1. The anticult movement’s position on Jehovah’s Witnesses and other faith community’s is considered discriminatory by human rights advocates.
  2. Most of the anticult and counter cult organizations have failed to provide credible research.
  3. Most anticult organizations have not mentioned the contribution Jehovah’s Witnesses have made to religious freedom in their research.

These research issues will be explored further in future research papers

Footnotes and References

[i] Ontario Consultants on Religious Freedom, Ed. Bruce A Robinson (1996) <http://www. religioustolerance.org/witness2.htm>

[ii] Religious Movements Page, Ed. Julia Neubauer (1998) <http://religiousmovements.lib.virginia.edu/nrms/ witness.html>

[iii] Ibid.

[iv] Tony Mauro, “Thank Jehovah's Witnesses for Speech Freedoms, ” USA Today 30 May 2000


[v] Cantwell v. Connecticut, 310 U.S. 296, US Supreme Court, 1940.

[vi] Minersville School District v. Gobitis, 310 U.S. 586, US Supreme Court, 1940 & Minersville School District v. Gobitis, 319 U.S. 624, US Supreme Court, 1943. 

[vii] Cox v. New Hampshire, 312 U.S. 569, US Supreme Court, 1941

[viii] Jones v. Opelika, 316 U.S. 584, US Supreme Court, 1942

[ix] Jones v. Opelika, Per Curium, 319 U.S. 103, US Supreme Court, 1943

[x] Filed with Jones v. Opelika

[xi] Douglass v. Jeanette, 319 U.S. 157, US Supreme Court, 1943

[xii] Floilett v. McCoemick, 321 U.S. 573, US Supreme Court, 1943

[xiii] Prince v. Massachusetts, 321 U.S. 158, US Supreme Court, 1944

[xiv] Anne Prichard, ACLU Report: Deprogramming and the Law, (New York: American Civil Liberties  Union, 1978)

[xv] Alan Shupe and Suson E. Darnell, “CAN, We Hardly Know Ye: Sex, Drugs, Deprogrammers, Kickbacks and Corporate Crime in the (old) Cult Awareness Network,” Society for the Scientific Study or Religion  Meeting (2000).

[xvi]  Scott v. Ross, Workman, Simpson, and Cult Awareness Network, C94-0079C, United States District Court Western District Court at Seattle.

[xvii] Kim Sue Lia Perkes, “Cult Deprogrammer Acquitted”,   Arizona Republic 21 January 1994.

[xviii]Rick Ross Responds to His Critics, Rick Ross (2000) <http://www.rickross.com/reference/ scientology/Scien47.html.

[xix] Rick Ross Responds to His Critics, Rick Ross (2000) <http://www.rickross.com/reference/ scientology/Scien47.html#waco>.

[xx] United States Department of Justice, Report on the Event at Waco, Texas (Washington D.C.: United States Department of Justice, 1993).

[xxi] About the Rick A. Ross Institute, Rick Ross (2003) <http://www.rickross.com/aboutus.html.>

[xxii] Refuting the Disinformation Attack Put Forth, Steven Hassan (n.d.) http://www.freedomofmind.com/ stevehassan/refuting/.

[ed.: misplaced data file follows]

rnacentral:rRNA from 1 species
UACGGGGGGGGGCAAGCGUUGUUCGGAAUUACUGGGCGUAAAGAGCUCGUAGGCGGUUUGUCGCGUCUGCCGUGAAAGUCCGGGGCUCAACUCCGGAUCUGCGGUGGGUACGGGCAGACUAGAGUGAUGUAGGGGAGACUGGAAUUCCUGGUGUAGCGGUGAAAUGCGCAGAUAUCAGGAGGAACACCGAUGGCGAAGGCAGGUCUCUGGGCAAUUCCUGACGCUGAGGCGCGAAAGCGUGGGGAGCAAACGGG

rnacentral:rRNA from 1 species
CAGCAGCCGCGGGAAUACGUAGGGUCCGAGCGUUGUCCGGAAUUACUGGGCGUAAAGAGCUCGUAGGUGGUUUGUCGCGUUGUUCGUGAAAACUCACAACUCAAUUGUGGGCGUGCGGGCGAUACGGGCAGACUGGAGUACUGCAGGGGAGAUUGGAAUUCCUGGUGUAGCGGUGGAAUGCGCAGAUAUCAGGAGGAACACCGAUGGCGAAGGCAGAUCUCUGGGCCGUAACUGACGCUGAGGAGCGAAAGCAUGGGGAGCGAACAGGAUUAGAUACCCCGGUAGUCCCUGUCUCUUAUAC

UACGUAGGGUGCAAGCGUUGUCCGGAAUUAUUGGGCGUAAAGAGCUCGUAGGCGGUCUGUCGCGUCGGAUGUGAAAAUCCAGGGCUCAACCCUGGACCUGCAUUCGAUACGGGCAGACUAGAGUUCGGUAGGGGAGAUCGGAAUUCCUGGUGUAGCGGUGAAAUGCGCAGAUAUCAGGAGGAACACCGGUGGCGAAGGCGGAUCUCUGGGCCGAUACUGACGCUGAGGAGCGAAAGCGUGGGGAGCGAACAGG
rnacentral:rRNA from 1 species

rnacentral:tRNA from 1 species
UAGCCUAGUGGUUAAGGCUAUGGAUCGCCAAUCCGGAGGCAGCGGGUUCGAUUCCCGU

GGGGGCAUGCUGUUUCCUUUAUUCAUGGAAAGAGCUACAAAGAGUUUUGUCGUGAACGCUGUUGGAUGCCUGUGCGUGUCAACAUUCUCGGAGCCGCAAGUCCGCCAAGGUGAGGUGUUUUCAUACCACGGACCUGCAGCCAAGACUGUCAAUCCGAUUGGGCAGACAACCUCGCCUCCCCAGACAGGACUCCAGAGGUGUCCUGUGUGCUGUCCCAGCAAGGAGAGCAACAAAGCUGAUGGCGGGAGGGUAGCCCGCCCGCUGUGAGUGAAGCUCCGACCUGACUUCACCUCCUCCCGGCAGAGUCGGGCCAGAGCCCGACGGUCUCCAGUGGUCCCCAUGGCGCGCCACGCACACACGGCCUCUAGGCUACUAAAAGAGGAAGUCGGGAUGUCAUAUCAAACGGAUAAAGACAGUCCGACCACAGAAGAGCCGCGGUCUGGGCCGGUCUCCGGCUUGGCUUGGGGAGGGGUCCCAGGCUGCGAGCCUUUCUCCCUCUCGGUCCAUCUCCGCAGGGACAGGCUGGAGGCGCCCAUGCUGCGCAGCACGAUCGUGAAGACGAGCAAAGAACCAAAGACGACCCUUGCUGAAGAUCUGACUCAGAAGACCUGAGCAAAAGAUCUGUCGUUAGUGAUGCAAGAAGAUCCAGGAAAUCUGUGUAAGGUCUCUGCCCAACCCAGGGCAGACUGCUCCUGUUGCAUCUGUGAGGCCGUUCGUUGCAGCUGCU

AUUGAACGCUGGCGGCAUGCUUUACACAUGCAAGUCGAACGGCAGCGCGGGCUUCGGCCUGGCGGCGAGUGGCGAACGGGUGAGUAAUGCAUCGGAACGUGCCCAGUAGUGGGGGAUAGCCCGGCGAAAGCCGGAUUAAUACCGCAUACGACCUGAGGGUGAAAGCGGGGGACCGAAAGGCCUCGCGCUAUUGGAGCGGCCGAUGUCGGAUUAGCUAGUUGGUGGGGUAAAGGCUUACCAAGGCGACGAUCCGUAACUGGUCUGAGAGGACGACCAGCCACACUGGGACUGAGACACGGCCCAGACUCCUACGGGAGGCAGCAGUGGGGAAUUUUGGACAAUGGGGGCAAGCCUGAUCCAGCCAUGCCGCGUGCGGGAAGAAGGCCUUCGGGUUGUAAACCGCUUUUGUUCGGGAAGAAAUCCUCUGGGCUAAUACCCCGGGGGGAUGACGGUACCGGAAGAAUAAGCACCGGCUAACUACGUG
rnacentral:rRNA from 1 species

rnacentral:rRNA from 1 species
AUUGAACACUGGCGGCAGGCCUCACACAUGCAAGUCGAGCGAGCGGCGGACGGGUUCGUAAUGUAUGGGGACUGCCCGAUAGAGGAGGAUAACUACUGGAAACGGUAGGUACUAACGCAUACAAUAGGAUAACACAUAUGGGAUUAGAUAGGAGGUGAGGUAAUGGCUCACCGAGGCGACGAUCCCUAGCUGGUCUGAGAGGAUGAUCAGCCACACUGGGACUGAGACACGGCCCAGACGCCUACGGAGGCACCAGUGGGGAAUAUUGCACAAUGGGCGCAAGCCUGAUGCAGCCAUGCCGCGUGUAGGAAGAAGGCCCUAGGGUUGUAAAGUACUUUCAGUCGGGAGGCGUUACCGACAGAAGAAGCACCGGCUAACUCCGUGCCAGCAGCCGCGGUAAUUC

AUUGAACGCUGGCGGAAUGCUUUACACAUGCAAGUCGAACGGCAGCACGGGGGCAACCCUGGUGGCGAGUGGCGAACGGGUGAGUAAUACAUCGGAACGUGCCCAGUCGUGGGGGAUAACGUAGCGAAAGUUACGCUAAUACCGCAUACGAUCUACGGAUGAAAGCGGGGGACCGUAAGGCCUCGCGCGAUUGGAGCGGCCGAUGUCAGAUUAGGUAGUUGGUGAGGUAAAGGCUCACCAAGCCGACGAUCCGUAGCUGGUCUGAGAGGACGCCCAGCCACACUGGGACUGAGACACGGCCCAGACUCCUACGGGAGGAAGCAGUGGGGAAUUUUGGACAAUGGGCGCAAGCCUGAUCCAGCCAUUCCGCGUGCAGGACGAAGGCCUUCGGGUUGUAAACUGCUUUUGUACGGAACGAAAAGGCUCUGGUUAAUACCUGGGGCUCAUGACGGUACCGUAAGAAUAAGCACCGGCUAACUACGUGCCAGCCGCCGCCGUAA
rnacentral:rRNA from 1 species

[xxiii] Upcoming Events/Workshops/Seminars, Steve Hassan (n.d.) http://www.freedomofmind.com/ stevehassan/events.

[xxiv]  Refuting the Disinformation Attack Put Forth Put Forth by Destructive Cults and their Agents, Steve Hassan  (n.d.) <http://www.freedomofmind.com/ stevehassan/refuting.

[xxv] “Declaration of Arthur Roselle”, Scott v. Ross, Workman, Simpson, and Cult Awareness Network, C94-0079C, United States District Court Western District Court at Seattle and Affidavit of Claire Kelley. (County of Suffolk: September 20, 1977).

[xxvi] “Joanne Roselle Affidavit” Refuting the Disinformation Attacks Put Forth by Destructive Cults and their Agents, Steve Hassan (n.d) <http://www.freedomofmind.com/stevehassan/refuting/roselle.pdf>

[xxvii] Resources for Researchers Freedom of Mind Resource Center http://www.freedomofmind. com/resourcecenter/groups.

[xxviii] “Universal Declaration oh Human Rights” Articles and Links Steve Hassan (2004) <http:// freedomofmind.com/resourcecenter/articles/universal.htm>.

[xxix] Also known as the Church of Jesus Christ of Latter Day Saints.

[xxx] These counter cult ministry’s web sites are located at http//www.watchman.org, http://www.equip.org/, http://www.pfo.org, http://www.pfo.org, and http://www.caftucson.com/. Reveal Ministries does not have a known web site, but the can be contacted at PO Box 52 Walnut Grove, CA 95690 (916) 776-4705.

[xxxi] www.freeminds.org.

[xxxii] ReFocus, “A History of Focus and Refocus,” ReFocus: Recovering Former Cultists’ Support Network <http://www.refocus.org/history.html>

[xxxiii] Peterson v. Friedenbury, CV02-024699A, Tucson Municipal Court, 2003

[xxxiv] Ray Franz, Crises of Conscience, 3rd Ed. (Atlanta: Commentary Press, 1999) 42.

[xxxv] “Organization, Beliefs and Practices,” Jehovah’s Witnesses Group Profile (13 October 2001) < http:// religiousmovements.lib.virginia.edu/nrms/Jwitness.html.

[xxxvi] Ray Franz, Crises of Conscience, 3rd Ed. (Atlanta: Commentary Press, 1999) 321-366.

[xxxvii] Simon, 17 February 2005, “How is JWD Doing?” Posted at http://www.jehovahs-witness.com/22/85447/1.ashx

[xxxviii] Universal Declaration of Human Rights, G.A. res. 217A (III), U.N. Doc A/810 at 71, 1948

[xxxix] International Bill of Human Rights comprise the Universal Declaration of Human Rights, International Covenant on Civil and Political Rights and the International Covenant on Social, Economic, and Cultural Rights

[xl] International Covenant on Civil and Political Rights, G.A. res. 2200A (XXI), 21 U.N. GAOR Supp. (No. 16) at 52, U.N. Doc. A/6316, 1966

[xli] Human Rights Committee, General Comment 22, Article 18, Forty-eighth session, 1993, reprinted in Compilation of General Comments and General Recommendations Adopted by Human Rights Treaty Bodies, U.N. Doc. HRI/GEN/1/Rev.6 at 155 (2003)

[xlii] Declaration on the Elimination of All Forms of Intolerance and of Discrimination Based on Religion or Belief, G.A. res. 36/55, 36, U.N. Doc. A/36/684, 1981.

[xliii] Dena S. Davis, Joining a "Cult": Religious Choice or Psychological Aberration? , Cleveland State University Journal of Law and Health, 11 J.L. & Health 145

[xliv] Church of the Lukumi Babalu Aye v. Hialeah, 508 US 520, US Supreme Court, 1993